Marcellus Shale: DEP Help Needed

Jan 26th, 2009 by Diane Seymour | 0

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“You haven’t mentioned the Marcellus Shale to me since we talked about China,” my friend says as we settle at a table in the Weigh Station Café. I hesitate, not sure that I want to spend our lunchtime talking about natural gas, but can’t resist. “Well, I got sidetracked by the election, and then the holidays, but I’ve been reading a lot about it again lately. And no, I haven’t gotten any cozier with Marcellus over the past few months.

I’m not alone. Recently, representatives from thirteen organizations (see below) signed a letter addressed to John Hanger, Acting Secretary of Pennsylvania’s Department of Environmental Protection. The first paragraph of the letter follows here:

“We understand that natural gas drilling could potentially be a major new source of revenue and business development in Pennsylvania. At the same time, however, the undersigned organizations are concerned that this drilling must be done in a manner that does not damage our state’s natural resources, particularly our water resources and the plants and animals that they support. If the rush to drill is allowed to go forward without adequate permit conditions and oversight, it could irreparably and unnecessarily harm habitat and water sources, de-watering streams, damaging water and air quality, fragmenting forests and impacting threatened and endangered species in some of the most pristine parts of our state.”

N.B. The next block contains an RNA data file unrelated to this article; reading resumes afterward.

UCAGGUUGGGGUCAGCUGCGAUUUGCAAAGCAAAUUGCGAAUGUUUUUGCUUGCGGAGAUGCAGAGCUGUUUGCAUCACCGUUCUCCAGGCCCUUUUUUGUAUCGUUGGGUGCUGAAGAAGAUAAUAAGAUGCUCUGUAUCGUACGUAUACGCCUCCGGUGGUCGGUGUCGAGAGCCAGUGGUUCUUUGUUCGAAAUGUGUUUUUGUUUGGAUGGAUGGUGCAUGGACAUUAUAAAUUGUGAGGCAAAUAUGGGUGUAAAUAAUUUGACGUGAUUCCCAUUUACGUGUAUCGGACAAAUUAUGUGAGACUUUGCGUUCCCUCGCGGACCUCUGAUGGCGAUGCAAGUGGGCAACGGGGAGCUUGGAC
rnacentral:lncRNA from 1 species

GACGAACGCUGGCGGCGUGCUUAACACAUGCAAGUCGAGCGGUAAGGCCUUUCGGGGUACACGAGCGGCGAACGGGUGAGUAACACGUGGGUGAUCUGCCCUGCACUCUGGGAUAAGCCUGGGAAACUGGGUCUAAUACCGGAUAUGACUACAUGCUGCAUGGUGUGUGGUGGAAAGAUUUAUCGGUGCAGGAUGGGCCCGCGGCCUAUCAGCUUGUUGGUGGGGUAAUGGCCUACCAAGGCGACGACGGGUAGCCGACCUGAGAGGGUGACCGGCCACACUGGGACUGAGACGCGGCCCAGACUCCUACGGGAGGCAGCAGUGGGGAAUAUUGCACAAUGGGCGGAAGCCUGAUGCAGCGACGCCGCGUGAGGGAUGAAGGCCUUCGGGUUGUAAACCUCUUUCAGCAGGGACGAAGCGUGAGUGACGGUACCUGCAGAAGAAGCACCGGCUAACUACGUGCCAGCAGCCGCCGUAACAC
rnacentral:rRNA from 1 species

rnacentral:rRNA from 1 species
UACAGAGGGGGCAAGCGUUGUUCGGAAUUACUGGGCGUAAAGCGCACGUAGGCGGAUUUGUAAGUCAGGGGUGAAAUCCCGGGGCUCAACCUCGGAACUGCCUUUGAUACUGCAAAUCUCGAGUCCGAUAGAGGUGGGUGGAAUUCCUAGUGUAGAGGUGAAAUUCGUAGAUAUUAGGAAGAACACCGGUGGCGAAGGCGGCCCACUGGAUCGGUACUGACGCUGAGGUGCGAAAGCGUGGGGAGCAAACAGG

In order to avoid or minimize serious negative consequences to our land, water, air, and wildlife, the letter asks that the DEP be proactive in handling Marcellus Shale drilling issues. As the drilling rigs begin to multiply across the state, what should DEP tackle? These organizations specifically outline areas of concern: water withdrawals and treatment, discharge of back flows, habitat destruction, erosion and sediment runoff from drill sites, road and pipeline construction, air emissions from drill sites, truck traffic, chemical additives, and adequate DEP staffing. To illustrate one specific area of concern, the letter writers remind Mr. Hanger of recent trouble in southwestern Pennsylvania:

“The recent incident of TDS (total dissolved solids) overloading in the Monongahela River, which resulted in the Department advising 325,000 people to use bottled water, is clear and undeniable testimony that the state’s sewage facilities cannot handle the wastewater currently being produced by gas drilling and development. While not the only cause of the recent TDS overload, gas and oil drilling wastewater has been identified by the Department as a significant contributor, leading the state to order a mandatory reduction in the amount of gas well wastewater the sewage treatment facilities can take. This situation begs the question, “How will the wastewater from the current and planned expansion of natural gas well development be safely treated and disposed and who will bear this cost?” Certainly, the cost to the public, to water suppliers, and municipal wastewater facilities has been great in the Monongahela River region. This question must be adequately and fully answered before the industry moves forward with well development, or the story of the Mon (Monongahela) is doomed to be repeated throughout the Commonwealth.”